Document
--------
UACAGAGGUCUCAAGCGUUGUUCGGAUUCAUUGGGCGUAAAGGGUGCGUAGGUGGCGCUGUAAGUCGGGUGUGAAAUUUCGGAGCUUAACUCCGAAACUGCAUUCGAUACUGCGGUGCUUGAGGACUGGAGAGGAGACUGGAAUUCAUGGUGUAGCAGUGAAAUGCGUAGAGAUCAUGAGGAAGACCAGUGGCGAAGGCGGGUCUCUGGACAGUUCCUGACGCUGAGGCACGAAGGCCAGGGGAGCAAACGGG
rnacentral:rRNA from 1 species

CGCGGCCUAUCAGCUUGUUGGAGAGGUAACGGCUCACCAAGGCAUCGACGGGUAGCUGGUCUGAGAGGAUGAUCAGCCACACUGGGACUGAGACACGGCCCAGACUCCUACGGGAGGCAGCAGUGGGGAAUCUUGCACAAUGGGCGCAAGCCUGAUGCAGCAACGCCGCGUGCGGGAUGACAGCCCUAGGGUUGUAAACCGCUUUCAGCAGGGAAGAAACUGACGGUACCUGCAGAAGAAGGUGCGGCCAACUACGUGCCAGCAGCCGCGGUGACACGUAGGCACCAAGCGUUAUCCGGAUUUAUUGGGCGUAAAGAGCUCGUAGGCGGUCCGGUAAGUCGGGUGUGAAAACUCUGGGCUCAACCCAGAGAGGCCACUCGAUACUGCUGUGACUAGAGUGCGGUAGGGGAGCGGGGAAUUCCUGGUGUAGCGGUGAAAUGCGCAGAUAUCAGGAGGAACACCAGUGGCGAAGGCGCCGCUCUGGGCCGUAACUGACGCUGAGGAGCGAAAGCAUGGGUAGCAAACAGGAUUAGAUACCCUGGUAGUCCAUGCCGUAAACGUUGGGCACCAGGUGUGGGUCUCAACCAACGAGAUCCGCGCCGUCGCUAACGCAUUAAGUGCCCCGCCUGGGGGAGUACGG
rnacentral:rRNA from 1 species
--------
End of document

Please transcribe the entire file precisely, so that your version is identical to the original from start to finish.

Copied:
UACAGAGGUCUCAAGCGUUGUUCGGAUUCAUUGGGCGUAAAGGGUGCGUAGGUGGCGCUGUAAGUCGGGUGUGAAAUUUCGGAGCUUAACUCCGAAACUGCAUUCGAUACUGCGGUGCUUGAGGACUGGAGAGGAGACUGGAAUUCAUGGUGUAGCAGUGAAAUGCGUAGAGAUCAUGAGGAAGACCAGUGGCGAAGGCGGGUCUCUGGACAGUUCCUGACGCUGAGGCACGAAGGCCAGGGGAGCAAACGGG
rnacentral:rRNA from 1 species

CGCGGCCUAUCAGCUUGUUGGAGAGGUAACGGCUCACCAAGGCAUCGACGGGUAGCUGGUCUGAGAGGAUGAUCAGCCACACUGGGACUGAGACACGGCCCAGACUCCUACGGGAGGCAGCAGUGGGGAAUCUUGCACAAUGGGCGCAAGCCUGAUGCAGCAACGCCGCGUGCGGGAUGACAGCCCUAGGGUUGUAAACCGCUUUCAGCAGGGAAGAAACUGACGGUACCUGCAGAAGAAGGUGCGGCCAACUACGUGCCAGCAGCCGCGGUGACACGUAGGCACCAAGCGUUAUCCGGAUUUAUUGGGCGUAAAGAGCUCGUAGGCGGUCCGGUAAGUCGGGUGUGAAAACUCUGGGCUCAACCCAGAGAGGCCACUCGAUACUGCUGUGACUAGAGUGCGGUAGGGGAGCGGGGAAUUCCUGGUGUAGCGGUGAAAUGCGCAGAUAUCAGGAGGAACACCAGUGGCGAAGGCGCCGCUCUGGGCCGUAACUGACGCUGAGGAGCGAAAGCAUGGGUAGCAAACAGGAUUAGAUACCCUGGUAGUCCAUGCCGUAAACGUUGGGCACCAGGUGUGGGUCUCAACCAACGAGAUCCGCGCCGUCGCUAACGCAUUAAGUGCCCCGCCUGGGGGAGUACGG
rnacentral:rRNA from 1 species